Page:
3 September 2022
How we understand stupidity
According to the common understanding, stupidity has something to do with the inability or unwillingness to think in an orderly manner.We do not feel a strong urge to define the term more precisely, because each of us experiences so much stupidity around us almost every day that no need for an accurate description arises. At work, in politics, and even in science and charitable organisations, possibly in our own wider families, stupidity seems to grin at us. Stupidity appears to be so overwhelmingly evident and arouses so much aversion that we find it difficult to deal with it soberly.
Change of perspective
The conventional understanding of stupidity as the absence of the ability to think properly cannot actually be correct. Simple experience disproves it: Anyone who has ever had a discussion with a dedicated conspiracy theorist, for example, will no longer doubt his or her capacity to think. Such people can erect and develop the most complicated thought structures in an almost acrobatic way. They search obsessively to find endless details that substantiate their conclusions. Clearly they have a capacity for thinking, even if the output is manifestly wrong.
In 1976, the Italian economic historian Carlo Cipolla published an article on the subject of stupidity titled "Le leggi fondamentali della stupidità umana", the English translation of which is titled “The Basic Laws of Human Stupidity”. Cipolla radically changed the view on stupidity, moving away from the woolly prevailing opinion towards an innovative and more precise understanding of the phenomenon. The essence of his approach is not to understand stupidity in terms of the ability to think, because that is only a potential that can be used in various ways. Rather, he identified the decisive criteria to be behavioural patterns firmly rooted in the personality. The practical value of his approach is that we can better assess the dimension and dangerousness of stupidity and even work on defence strategies.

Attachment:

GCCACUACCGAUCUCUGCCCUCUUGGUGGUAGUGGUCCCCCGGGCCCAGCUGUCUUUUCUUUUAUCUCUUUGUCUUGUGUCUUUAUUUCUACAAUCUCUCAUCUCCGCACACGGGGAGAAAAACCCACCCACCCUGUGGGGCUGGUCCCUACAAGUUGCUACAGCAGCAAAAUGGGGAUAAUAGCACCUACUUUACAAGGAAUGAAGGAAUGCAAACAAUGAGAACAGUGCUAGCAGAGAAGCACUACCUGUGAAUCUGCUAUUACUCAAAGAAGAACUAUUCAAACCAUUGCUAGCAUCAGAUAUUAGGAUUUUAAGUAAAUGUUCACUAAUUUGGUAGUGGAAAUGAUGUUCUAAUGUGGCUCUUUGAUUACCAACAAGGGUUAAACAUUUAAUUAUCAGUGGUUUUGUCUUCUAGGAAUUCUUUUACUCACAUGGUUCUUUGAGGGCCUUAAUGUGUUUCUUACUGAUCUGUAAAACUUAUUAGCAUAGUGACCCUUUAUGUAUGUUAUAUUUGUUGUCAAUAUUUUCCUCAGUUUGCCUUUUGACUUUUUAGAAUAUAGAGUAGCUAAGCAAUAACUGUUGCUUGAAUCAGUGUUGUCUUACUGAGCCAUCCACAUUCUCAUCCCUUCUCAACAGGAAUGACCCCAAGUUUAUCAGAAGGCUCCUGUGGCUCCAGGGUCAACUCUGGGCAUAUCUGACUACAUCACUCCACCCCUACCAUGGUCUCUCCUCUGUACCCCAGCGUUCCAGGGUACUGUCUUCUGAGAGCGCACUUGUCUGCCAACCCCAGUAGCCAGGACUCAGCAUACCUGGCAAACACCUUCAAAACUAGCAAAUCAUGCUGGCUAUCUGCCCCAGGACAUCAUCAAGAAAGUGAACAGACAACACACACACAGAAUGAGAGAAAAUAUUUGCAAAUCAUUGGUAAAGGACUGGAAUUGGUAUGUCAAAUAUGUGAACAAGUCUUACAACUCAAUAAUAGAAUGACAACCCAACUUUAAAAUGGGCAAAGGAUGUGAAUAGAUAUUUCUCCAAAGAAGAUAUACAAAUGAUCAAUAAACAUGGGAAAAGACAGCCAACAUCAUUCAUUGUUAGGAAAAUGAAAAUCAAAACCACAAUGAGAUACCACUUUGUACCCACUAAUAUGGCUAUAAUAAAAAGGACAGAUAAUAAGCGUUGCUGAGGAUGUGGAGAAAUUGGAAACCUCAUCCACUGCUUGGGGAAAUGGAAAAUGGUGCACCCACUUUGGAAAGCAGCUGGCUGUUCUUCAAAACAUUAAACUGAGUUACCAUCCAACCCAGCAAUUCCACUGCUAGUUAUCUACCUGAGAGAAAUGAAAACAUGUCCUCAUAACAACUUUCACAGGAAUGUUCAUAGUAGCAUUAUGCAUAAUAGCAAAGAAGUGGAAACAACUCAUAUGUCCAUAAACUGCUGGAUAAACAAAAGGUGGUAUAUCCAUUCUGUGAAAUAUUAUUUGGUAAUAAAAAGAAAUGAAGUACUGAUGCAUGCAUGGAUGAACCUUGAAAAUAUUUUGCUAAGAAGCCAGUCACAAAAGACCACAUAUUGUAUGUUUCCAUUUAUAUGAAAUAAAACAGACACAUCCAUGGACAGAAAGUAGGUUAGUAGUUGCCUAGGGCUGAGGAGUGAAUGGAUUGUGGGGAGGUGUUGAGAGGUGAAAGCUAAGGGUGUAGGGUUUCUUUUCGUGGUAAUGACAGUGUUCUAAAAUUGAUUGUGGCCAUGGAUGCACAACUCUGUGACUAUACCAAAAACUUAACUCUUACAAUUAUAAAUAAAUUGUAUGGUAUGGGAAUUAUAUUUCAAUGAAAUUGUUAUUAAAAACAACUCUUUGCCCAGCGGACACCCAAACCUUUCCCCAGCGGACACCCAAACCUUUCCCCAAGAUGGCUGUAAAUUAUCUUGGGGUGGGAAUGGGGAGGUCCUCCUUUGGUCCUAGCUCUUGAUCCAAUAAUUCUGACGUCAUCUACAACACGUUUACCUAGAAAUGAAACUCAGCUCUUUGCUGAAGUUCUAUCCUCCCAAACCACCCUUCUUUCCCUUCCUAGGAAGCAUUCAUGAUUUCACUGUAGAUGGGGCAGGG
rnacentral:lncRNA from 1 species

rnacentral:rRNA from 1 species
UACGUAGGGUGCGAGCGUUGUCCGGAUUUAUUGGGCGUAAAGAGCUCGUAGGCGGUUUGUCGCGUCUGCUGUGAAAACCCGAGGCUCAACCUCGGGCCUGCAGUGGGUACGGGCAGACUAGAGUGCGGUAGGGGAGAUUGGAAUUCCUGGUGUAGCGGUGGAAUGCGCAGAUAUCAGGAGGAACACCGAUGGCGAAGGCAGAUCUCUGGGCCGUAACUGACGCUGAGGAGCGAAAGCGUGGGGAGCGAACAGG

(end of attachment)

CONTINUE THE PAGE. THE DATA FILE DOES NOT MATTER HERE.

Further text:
You may have seen a warning sign on a garden door in France that says “Chien bête et méchant” = "Stupid and malicious dog". This is an expression of subtle black humour, and yet the message has a chilling effect when we think of the dog's chaotic willingness to bite without reason. Such a dog would embody what Cipolla has identified as real stupidity.
Cipolla’s definition of a stupid person as one who is determined to indiscriminately harm other people as well as themselves does not exclude the ability to think accurately. Rather, the thinking capacity of a person of this type is the arson accelerant with which he or she can maximise damage. The blindly stupid person finds fulfilment in damage, regardless of short or long term implications.
As the following diagram shows, Cipolla’s understanding of stupid people becomes obvious when considering their opposite, i.e. intelligent people. The latter, in fact, are naturally anxious to benefit others and/or themselves with their actions. They are committed to what economists designate as “Pareto improvements”. Intelligence understood in this way can be linked to the ability to think sharply, but this need not be the case. Rather, the decisive factor is the consistent intention to generate benefits and the ability to recognise the need for reasonable action. These qualities are anchored in personality.
Naïve people have similar propensities, but are to be distinguished from intelligent people. Naïve people believe in generating benefits, but still feel good about their actions even when they cause self-harm.
Then there is the bandit class, those who are convinced that they can only gain advantages for themselves at the expense of other people and who operate with deception and violence.
All except the stupid can find themselves in a different quadrant in different situations or states of mind. Thus, it is not impossible for a member of the bandit class to act in the mode of an intelligent or naïve person when an impulse to act arises that has nothing to do with enrichment.
Only the people in the lower left quadrant are averse to any mixture; they are steadfastly committed to causing damage.